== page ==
When you’re making any purchasing decision, you make a judgement about whether you believe you’re getting value for money. Along with price, other things that may come into the calculation include convenience, great service or in the case of luxury goods, the perceived effect on your social status.
But when it comes to money management, the one factor that should not sway your decision is the promise of “great investment returns”. As alluring as this sounds, we know that this is a very difficult promise to keep and the evidence will tell you this if you check the return that your money manager delivers (i.e. stockbroker, fund manager or financial adviser).
Measuring investment performance
If you do get a promise of great investment returns, your portfolio performance should be measured against the market return. If your adviser is picking Aussie shares for your portfolio, then you should know if they are getting a better return than the market itself. Why? Because you can buy the market yourself at a much lower cost!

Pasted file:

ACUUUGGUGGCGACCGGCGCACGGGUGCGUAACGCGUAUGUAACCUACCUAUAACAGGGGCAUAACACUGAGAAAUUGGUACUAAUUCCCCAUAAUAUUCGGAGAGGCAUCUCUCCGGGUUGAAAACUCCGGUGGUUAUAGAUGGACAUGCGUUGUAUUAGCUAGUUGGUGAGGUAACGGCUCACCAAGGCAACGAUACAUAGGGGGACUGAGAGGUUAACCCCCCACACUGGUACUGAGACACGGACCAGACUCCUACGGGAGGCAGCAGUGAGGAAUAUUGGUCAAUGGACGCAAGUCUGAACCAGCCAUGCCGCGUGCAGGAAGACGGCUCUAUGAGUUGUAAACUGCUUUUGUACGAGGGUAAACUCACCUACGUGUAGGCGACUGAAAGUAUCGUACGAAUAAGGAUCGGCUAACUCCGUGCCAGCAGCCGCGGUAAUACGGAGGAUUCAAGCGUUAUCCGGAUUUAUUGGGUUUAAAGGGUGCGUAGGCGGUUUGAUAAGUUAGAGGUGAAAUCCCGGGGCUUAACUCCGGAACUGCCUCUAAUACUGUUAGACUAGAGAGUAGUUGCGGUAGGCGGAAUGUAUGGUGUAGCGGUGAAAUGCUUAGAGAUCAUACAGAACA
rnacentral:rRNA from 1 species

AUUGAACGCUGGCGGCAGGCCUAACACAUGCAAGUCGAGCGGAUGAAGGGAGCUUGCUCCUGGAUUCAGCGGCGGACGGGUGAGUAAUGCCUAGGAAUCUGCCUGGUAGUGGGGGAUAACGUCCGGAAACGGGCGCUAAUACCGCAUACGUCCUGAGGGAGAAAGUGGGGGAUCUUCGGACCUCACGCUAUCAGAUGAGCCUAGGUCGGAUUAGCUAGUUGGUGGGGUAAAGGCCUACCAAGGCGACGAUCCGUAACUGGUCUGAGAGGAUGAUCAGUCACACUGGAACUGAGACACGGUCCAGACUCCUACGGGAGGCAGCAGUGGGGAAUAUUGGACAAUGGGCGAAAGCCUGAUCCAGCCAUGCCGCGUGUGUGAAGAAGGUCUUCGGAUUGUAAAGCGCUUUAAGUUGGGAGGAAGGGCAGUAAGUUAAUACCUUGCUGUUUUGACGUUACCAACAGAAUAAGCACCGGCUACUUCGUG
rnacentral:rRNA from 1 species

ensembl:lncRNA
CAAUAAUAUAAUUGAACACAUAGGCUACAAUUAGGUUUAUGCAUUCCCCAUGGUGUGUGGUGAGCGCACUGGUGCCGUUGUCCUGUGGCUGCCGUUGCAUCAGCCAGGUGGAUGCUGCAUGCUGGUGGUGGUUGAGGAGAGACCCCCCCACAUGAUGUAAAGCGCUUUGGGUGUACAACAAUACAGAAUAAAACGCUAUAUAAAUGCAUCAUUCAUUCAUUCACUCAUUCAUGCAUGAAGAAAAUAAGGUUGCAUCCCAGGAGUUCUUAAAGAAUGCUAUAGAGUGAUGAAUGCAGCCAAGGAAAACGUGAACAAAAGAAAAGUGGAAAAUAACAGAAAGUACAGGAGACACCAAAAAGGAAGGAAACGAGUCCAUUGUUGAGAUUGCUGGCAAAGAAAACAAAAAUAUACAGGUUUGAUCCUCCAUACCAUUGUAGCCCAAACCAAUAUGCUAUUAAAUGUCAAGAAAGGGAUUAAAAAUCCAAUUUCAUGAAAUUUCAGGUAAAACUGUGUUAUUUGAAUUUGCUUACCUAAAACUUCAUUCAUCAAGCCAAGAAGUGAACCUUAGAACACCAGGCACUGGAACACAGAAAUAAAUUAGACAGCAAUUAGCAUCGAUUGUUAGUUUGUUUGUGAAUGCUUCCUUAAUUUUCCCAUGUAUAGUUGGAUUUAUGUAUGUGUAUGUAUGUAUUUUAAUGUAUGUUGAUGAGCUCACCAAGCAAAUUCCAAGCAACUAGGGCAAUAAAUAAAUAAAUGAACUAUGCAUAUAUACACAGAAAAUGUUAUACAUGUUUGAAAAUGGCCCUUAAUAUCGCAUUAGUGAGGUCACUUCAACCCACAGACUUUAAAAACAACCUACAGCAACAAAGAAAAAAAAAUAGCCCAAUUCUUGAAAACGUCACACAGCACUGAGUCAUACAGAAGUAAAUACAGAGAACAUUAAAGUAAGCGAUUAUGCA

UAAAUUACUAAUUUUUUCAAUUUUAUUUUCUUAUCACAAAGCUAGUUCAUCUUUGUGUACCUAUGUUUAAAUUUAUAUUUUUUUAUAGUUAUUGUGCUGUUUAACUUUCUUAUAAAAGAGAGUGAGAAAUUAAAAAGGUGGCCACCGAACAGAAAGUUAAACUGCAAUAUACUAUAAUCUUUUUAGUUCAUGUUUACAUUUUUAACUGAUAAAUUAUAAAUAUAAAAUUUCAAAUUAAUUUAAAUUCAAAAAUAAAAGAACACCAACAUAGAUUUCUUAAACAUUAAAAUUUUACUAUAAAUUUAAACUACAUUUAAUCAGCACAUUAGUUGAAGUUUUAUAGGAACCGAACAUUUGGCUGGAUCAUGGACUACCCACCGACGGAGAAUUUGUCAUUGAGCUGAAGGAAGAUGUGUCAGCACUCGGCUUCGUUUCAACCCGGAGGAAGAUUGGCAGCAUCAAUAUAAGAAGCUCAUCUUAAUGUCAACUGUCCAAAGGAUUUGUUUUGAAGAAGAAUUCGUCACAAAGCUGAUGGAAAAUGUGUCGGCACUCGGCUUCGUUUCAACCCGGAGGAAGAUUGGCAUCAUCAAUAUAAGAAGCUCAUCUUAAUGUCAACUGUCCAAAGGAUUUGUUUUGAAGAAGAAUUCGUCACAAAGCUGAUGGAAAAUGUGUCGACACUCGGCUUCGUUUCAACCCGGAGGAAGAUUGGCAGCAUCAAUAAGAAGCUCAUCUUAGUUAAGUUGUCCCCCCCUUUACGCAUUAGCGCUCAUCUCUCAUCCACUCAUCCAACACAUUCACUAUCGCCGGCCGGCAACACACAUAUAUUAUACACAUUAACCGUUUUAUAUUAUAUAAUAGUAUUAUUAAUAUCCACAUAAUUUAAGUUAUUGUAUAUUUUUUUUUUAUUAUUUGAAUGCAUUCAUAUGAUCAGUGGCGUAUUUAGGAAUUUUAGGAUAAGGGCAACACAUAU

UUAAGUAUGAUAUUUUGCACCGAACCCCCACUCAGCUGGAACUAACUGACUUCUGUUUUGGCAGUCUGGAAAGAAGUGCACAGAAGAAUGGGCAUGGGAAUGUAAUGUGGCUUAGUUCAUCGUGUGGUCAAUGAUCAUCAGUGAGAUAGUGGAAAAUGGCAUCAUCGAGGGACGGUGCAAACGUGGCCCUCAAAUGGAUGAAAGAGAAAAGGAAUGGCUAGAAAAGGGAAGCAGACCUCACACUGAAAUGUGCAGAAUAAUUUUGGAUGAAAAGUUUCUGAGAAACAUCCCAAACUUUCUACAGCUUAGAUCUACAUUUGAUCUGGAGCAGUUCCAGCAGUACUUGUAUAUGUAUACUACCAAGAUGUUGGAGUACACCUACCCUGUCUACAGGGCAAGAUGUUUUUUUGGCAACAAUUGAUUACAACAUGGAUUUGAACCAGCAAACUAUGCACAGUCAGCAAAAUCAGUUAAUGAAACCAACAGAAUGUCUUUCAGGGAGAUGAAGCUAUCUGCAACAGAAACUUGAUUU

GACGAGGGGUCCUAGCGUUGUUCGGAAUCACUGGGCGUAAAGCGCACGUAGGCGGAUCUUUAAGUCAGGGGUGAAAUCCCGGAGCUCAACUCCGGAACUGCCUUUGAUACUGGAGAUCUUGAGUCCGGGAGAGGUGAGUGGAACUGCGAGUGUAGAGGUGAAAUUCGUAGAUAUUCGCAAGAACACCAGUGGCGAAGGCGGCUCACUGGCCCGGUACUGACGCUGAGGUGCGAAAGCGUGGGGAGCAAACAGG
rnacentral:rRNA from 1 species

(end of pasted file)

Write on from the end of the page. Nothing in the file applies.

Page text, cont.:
Don’t get me wrong, these stock-picking professionals are trying to beat the market. It’s just that it is really hard to do. You don’t want to pay extra if the result is more due to chance than skill. And that is what the evidence from Karaban & Maguire (2011) is telling us:
The S&P/ASX 200 Accumulation Index has outperformed approximately 70% of active Australian equity general funds over the last five years, increasing to approximately 77% over the last year (mid year 2011). At least 69% of active international equity funds underperformed relative to the benchmark over every time horizon. Over the last year, the index has outperformed approximately 80% of actively managed international equity funds.
So if the odds of beating the market are that bad, why would you pay more for the promise of better returns?